Russian Prime Minister Dmitry Medvedev has stated in an interview on Chinese State TV that both the Chinese and Russian governments are looking at ways to link the Eurasian Economic Union (EAEU) with China’s One Belt, One Road (OBOR) initiative.
Medvedev stated “If we are talking about linking these two approaches, the direct manifestation of this may be projects connected with transporting cargoes via the territory of the EAEU, and via the Russian territory from China to western Europe. These transport corridors and building logistics represent a very important and interesting topic in our view, and several very interesting ideas are being considered now in this regard. There are also other directions, including using possibilities of national markets, preparing proposals in the sphere of hi-tech and setting up production, as well as a number of other projects which we will try to implement together with our colleagues”.
The EAEU is a free trade bloc currently consisting of Russia, Armenia, Belarus, Kazakhstan and Kyrgyzstan, and has several other countries clamoring to sign FTA, notably China, India, Iran and Singapore. Vietnam already has an FTA with the EAEU.
China’s OBOR, meanwhile, is an initiative covering 60 countries across the Eurasian land mass, and is a project based facility mainly seeking to install infrastructure developments across the entire region. Although much of this is related to exporting Chinese technologies, large amounts will rely on foreign investment and cooperation. An estimated US$957 billion dollars, or 26 percent of China’s annual trade volume, was spent along the OBOR routes last year.
Medvedev continued that the leaders of Russia and China had agreed on linking the OBOR project with the EAEU. He said, “We are currently working at the government level on how to bring together the advantages of both models. I think it is quite realistic. I think that this is a good idea that may obtain a normal, comprehensive economic development, especially in the conditions when several other countries are trying to create large economic alliances.”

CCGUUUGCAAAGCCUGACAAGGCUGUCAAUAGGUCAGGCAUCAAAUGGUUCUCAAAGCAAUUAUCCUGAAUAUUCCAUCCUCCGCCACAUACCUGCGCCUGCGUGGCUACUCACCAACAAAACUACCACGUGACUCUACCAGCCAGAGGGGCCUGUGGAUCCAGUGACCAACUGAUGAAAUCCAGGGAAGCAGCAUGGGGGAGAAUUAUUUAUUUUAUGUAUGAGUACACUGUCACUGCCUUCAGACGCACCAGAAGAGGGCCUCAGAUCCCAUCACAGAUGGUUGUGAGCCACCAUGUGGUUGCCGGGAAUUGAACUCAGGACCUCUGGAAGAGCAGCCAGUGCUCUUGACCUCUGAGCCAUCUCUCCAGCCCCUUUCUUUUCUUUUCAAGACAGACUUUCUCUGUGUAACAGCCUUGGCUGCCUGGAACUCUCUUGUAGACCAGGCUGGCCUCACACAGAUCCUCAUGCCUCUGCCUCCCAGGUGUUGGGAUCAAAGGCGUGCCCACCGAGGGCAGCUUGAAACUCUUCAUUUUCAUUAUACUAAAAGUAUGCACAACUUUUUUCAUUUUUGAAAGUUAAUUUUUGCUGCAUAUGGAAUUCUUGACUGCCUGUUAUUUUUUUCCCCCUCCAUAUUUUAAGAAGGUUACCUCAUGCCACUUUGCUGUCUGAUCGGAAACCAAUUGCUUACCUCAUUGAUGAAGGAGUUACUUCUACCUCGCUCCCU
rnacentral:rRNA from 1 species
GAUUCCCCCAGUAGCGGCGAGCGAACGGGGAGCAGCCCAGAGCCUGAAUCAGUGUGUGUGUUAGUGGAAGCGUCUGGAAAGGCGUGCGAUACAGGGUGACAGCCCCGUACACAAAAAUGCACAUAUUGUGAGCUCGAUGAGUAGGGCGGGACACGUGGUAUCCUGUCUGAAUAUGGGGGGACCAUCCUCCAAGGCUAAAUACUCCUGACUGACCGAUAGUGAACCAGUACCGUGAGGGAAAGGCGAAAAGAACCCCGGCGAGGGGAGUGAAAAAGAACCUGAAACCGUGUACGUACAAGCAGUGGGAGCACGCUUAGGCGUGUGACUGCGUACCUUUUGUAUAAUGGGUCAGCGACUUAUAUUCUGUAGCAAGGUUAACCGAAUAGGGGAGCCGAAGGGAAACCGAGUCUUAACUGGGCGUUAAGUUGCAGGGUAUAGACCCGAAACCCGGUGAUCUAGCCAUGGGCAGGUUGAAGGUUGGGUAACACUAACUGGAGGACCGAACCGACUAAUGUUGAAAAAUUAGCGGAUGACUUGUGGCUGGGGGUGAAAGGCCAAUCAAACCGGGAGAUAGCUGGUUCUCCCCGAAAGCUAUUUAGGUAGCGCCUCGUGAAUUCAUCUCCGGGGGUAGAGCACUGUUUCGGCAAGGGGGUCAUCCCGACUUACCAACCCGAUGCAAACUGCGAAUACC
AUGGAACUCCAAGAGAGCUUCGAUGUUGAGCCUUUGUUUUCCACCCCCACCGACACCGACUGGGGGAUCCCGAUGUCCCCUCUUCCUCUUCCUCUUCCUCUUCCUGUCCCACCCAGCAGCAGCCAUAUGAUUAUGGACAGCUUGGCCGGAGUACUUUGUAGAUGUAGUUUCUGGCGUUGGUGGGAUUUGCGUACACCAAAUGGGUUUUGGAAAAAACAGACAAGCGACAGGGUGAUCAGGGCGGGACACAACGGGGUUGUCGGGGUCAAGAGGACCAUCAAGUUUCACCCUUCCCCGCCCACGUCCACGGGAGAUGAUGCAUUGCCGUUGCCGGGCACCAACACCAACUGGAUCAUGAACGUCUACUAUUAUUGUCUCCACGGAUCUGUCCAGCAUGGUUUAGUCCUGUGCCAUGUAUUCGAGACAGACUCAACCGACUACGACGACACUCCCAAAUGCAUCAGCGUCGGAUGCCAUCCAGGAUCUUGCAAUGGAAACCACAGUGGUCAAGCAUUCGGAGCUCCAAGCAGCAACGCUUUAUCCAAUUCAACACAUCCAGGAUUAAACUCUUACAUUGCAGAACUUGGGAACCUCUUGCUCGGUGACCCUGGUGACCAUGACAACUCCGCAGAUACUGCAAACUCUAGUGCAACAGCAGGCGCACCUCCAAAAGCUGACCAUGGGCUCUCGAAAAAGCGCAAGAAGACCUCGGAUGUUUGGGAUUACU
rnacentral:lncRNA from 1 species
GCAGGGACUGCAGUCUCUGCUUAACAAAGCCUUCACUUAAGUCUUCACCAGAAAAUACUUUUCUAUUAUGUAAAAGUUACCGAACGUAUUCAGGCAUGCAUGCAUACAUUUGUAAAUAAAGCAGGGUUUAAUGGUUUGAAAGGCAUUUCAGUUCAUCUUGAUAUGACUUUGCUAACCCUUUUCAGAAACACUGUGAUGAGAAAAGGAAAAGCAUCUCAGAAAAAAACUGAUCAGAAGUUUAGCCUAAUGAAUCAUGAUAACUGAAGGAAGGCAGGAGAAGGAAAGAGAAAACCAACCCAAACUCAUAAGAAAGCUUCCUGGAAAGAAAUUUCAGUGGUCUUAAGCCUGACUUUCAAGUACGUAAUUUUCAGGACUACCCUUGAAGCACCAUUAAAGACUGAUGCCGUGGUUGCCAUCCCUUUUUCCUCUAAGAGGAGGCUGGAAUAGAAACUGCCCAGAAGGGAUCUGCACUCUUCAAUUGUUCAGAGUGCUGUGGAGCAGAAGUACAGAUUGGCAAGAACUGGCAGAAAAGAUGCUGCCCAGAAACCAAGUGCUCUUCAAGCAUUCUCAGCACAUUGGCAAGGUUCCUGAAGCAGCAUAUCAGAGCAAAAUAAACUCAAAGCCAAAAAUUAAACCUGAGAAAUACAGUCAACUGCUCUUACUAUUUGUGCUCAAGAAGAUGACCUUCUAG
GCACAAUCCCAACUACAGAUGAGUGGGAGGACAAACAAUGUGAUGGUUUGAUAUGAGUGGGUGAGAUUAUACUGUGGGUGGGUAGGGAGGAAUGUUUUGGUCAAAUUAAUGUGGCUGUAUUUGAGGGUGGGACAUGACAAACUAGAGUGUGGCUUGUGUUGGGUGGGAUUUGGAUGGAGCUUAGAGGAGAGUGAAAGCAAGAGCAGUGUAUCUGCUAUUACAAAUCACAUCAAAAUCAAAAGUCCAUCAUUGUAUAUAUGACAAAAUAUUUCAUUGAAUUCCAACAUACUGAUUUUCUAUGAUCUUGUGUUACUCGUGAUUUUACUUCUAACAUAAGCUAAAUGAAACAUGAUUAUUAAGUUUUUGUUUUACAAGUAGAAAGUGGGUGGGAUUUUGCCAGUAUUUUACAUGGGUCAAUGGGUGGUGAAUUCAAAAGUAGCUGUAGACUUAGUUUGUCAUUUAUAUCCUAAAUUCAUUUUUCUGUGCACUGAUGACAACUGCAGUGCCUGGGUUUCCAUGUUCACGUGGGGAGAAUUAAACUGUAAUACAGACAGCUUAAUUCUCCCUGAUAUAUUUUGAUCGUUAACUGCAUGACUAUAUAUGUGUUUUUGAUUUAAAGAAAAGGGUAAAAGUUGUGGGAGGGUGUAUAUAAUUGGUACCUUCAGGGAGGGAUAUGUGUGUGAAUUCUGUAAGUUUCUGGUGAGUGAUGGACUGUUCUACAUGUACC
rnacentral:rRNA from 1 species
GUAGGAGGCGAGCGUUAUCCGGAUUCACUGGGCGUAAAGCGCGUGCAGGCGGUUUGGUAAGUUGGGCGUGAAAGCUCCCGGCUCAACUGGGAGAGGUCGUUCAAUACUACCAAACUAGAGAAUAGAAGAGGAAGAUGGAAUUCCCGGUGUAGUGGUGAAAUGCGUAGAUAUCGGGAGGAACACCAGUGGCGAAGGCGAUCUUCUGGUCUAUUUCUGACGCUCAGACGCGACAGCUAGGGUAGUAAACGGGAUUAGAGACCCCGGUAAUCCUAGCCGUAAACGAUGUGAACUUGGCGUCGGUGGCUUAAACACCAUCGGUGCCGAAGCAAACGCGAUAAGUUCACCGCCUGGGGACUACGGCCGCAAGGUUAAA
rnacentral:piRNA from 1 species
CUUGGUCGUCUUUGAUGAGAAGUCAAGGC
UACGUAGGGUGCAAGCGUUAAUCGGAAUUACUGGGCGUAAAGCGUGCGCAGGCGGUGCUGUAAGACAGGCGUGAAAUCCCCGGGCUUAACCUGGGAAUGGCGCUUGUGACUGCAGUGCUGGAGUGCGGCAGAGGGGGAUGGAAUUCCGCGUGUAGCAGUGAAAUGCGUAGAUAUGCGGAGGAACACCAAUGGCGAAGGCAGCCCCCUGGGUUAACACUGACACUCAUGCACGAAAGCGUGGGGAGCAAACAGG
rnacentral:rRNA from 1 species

The alliances Medvedev refers to are agreements such as the RCEP and FTAAP Asia-Pacific trade negotiations that are currently on-going.
Medvedev summarized the linking of the EAEU and OBOR schemes by stating, “this linkage may in the end transform in the project of full-scale trade and economic partnership between the People’s Republic of China and Eurasian Economic Union, with establishment of free trade zones and some other elements of economic cooperation, on which we are working as well.”
Chris Devonshire-Ellis of Dezan Shira & Associates comments, “China cannot create the OBOR all by itself. It needs a huge diplomatic efforts, and considerable financial and political support from Moscow. The linking together of the OBOR and the participation of the EAEU within this may yet harbor some interesting tax incentives in terms of importing infrastructure related goods and services into the EAEU, this facilitating trade via infrastructure development within the region. Both domestic and foreign suppliers of Chinese and Russian MNC’s involved in such works will be interested to learn of these developments. It is an area to watch.”
Dezan Shira & Associates´ Silk Road and OBOR investment brochure offers an introduction to the region and an overview of the services provided by the firm. It is Dezan Shira´s mission to guide investors through the Silk Road´s complex regulatory environment and assist with all aspects of establishing, maintaining and growing business operations in the region.
Dezan Shira & Associates´ Russian investment brochure offers an overview of the services provided by the firm – both foreign investment into Russia and Russian investment into Asia. It is Dezan Shira´s mission to guide investors through Russia´s complex regulatory environment and assist with all aspects of establishing, maintaining and growing business operations in the region.